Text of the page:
To prevent various forms of timing side-channel attacks, it's strongly advisable to implementing public-key cryptography in constant time. Or at least, without secret-dependent timing variations. However, as far as I'm aware, such implementations rely on a constant-cycle hardware multiplier. Sometimes it's also possible to replace some multiplications with shifts and adds, still, a constant-time implementation requires a barrel shifter.
Hypothetically, if I want to implement public-key cryptography (either elliptic curve or discrete log) on the cheapest microcontrollers without either a hardware multiplier or barrel shifter, what are my options for a constant-time multiplication algorithm in pure software? Constant-time multiplication in pure software sounds like a basic enough problem and many researchers must already have investigated it, but I don't know where to look. What algorithms are available, and how do they perform comparing to their non-constant time counterpart? 10x slower? 100x slower?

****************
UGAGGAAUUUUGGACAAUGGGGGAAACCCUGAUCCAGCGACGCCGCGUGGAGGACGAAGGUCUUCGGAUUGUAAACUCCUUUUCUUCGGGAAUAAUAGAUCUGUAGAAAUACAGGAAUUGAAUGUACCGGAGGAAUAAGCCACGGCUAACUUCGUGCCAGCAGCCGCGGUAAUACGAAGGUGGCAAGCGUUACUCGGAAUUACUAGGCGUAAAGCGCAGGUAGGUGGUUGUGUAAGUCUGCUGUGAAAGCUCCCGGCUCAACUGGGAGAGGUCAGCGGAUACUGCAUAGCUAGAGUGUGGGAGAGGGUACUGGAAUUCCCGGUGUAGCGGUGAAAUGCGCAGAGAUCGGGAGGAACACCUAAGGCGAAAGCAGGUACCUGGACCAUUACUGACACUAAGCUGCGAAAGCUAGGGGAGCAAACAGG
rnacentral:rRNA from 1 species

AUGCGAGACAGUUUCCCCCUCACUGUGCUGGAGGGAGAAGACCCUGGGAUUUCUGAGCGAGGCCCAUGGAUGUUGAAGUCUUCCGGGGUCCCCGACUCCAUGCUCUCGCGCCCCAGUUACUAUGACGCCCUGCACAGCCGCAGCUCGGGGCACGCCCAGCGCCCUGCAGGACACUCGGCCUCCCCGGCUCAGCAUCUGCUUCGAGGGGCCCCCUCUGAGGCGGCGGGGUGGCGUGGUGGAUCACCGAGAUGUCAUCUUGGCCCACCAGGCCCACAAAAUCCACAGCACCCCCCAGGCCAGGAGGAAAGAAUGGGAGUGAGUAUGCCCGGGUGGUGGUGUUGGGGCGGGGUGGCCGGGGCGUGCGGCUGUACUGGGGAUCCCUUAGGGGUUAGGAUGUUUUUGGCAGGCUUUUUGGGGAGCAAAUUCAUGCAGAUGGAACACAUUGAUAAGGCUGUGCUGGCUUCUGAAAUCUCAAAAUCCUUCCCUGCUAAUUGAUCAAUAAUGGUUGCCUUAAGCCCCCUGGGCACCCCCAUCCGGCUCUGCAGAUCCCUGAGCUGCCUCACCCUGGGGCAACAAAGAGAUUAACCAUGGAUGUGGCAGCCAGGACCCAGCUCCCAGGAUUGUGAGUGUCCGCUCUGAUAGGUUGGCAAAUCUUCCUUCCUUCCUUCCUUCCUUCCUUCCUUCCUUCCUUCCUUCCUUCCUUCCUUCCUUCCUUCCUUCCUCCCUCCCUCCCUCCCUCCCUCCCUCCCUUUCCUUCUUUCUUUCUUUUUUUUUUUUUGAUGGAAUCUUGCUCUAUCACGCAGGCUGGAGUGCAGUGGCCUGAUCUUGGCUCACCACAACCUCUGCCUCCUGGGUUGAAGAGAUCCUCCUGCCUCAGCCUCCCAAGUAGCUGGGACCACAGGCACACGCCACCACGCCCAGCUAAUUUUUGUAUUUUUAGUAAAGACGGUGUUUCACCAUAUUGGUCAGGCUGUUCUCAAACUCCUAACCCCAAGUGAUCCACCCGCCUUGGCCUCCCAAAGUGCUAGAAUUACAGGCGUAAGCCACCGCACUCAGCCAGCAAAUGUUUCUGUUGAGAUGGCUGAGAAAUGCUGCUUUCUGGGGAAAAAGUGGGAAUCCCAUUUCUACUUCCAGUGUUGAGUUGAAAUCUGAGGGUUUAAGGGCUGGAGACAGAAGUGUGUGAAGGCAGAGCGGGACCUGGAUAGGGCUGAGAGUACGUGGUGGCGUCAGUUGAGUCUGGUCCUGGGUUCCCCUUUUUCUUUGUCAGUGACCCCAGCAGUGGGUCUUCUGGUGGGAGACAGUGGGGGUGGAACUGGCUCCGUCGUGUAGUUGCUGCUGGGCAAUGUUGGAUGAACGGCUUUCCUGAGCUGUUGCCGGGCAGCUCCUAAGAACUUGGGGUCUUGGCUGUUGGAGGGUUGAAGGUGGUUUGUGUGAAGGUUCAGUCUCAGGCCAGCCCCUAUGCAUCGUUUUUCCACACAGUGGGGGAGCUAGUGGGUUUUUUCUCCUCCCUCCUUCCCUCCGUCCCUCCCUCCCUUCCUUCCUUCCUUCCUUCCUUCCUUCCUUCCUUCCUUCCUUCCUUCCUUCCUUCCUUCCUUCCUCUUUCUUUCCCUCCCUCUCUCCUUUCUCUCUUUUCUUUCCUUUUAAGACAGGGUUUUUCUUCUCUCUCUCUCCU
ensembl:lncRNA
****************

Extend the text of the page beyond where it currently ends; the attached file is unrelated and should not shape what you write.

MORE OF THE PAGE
An obvious solution I can imagine is using a 16-bit lookup table for 8x8 multiplication, then pretending that we have a 8-bit multiplier and proceeding from here. On an embedded system without cache, on ROM, there will be no timing variation. But are there any alternative approaches (or a variation of the LUT approach that performs better in time/space)?
To clarify my motivation, I know this is impractical in real applications (even if one is stubborn enough to do it, a crypto coprocessor would be the solution), I ask it mostly due to theoretical interests.